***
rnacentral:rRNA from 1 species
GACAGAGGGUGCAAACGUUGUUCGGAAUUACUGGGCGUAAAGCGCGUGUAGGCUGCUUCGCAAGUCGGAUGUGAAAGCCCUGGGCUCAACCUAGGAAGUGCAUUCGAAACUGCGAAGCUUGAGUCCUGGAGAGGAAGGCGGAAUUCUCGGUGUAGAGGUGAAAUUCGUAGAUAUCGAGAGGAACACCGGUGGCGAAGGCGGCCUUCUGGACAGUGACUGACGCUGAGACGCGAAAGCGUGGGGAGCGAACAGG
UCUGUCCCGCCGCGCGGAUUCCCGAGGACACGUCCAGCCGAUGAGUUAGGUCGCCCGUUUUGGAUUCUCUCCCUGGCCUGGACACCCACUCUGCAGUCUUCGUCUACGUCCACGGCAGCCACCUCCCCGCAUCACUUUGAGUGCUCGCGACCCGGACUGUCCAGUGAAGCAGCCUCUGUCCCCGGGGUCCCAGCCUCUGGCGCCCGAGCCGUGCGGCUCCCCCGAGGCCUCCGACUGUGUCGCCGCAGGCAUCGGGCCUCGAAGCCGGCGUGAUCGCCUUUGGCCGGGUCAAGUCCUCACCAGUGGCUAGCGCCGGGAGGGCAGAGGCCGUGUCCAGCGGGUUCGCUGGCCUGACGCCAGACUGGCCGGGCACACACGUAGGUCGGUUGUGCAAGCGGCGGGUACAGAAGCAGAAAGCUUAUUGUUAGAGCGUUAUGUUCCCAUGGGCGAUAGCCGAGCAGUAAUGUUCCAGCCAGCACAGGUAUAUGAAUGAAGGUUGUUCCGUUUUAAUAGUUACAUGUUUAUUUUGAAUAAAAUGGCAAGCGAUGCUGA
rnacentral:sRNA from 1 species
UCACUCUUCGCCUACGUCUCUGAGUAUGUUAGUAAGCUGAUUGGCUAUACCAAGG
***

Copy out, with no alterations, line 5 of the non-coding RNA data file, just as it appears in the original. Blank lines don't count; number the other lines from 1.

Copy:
UCACUCUUCGCCUACGUCUCUGAGUAUGUUAGUAAGCUGAUUGGCUAUACCAAGG